Home Stretch for Disability Funding Advocacy
By Steve Suroviec, President and CEO
If you haven’t yet contacted your state representative or state senator to advocate for sufficient funding for much-needed services and programs for people with disabilities, now is the time to do it. The General Assembly has until June 30th to pass a budget for the upcoming state fiscal year (July 1, 2022 – June 30, 2023). Negotiations between the legislature and the governor’s office continue until an appropriations bill is passed and the governor signs it into law.
Achieva has been working with its partners at The Arc of Pennsylvania
and The Provider Alliance
to educate legislators about what’s important to people with disabilities and advocate for key funding items in the state budget. They are as follows:
- Add an additional $65 million in state funds to the governor’s proposed budget to address the staffing challenges faced by disability service providers. These state funds would generate about $70 million more in federal Medicaid funds for a total of $135 million. These funds are needed to be added to the state’s rates for home and community-based services. Given inflation and the tightness in the labor market, disability providers are finding it extremely difficult to compete for talent when it comes to filling vacancies and stemming turnover. Private-sector businesses can simply raise their prices to pay their employees more, but non-profit disability service providers are dependent on rates determined by state government. Rates need to be increased, and that’s why the General Assembly must add the additional funding to the state budget. (Click here to learn more about this issue.)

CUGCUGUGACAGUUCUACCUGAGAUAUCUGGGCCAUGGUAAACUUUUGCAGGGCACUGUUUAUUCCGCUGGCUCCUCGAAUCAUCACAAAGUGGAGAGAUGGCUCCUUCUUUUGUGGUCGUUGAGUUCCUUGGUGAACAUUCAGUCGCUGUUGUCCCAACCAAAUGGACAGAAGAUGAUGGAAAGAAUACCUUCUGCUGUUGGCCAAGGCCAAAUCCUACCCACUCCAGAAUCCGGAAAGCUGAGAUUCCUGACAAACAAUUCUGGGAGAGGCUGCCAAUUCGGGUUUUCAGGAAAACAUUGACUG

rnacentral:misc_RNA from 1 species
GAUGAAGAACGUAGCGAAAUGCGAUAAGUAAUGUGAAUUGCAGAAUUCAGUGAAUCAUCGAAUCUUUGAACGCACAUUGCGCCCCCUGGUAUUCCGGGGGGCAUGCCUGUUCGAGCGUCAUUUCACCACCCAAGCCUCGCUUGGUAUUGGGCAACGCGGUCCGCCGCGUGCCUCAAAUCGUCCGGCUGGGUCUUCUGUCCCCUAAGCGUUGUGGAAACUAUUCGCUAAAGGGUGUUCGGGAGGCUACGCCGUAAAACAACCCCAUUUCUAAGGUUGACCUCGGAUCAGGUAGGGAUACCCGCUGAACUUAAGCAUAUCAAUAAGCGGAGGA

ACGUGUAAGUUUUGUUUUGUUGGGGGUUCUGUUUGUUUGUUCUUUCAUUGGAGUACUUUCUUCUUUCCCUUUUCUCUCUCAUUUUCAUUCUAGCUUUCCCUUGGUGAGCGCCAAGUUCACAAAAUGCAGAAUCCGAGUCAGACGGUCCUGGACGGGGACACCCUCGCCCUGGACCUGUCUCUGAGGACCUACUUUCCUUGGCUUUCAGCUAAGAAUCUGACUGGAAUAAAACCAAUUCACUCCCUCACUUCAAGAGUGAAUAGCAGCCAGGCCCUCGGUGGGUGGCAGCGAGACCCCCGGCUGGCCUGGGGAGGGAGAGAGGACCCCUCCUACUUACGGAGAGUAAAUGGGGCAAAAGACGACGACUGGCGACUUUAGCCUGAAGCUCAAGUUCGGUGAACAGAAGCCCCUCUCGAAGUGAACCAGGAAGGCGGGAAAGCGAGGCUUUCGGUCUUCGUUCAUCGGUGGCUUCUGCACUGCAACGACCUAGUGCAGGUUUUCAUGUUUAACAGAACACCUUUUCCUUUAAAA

- Support the governor’s budget proposal to serve an additional 872 people with intellectual disabilities or autism from the state’s emergency waiting list.
- Support the governor’s budget proposal to add $200 million to the state’s special education budget.
- Add additional funding to increase rates for the state’s Early Intervention program for little children with developmental delays age birth to three.
- Support the funding necessary to finally close Polk Center and White Haven Center and serve its remaining residents in the community with appropriate supports and services.
Budget-making is about priority making. Children and adults with disabilities, their families, and the direct support professionals who serve them should be a priority for state budget makers. This is a core function of state government, and funding should be prioritized to meet their needs. If you haven’t contacted your state reps or senators yet, please do so and emphasize this message. With only a few weeks left to pass the budget, now is the time they need to hear from you. If you don’t know the names of your elected officials, please click here to search
by address or county.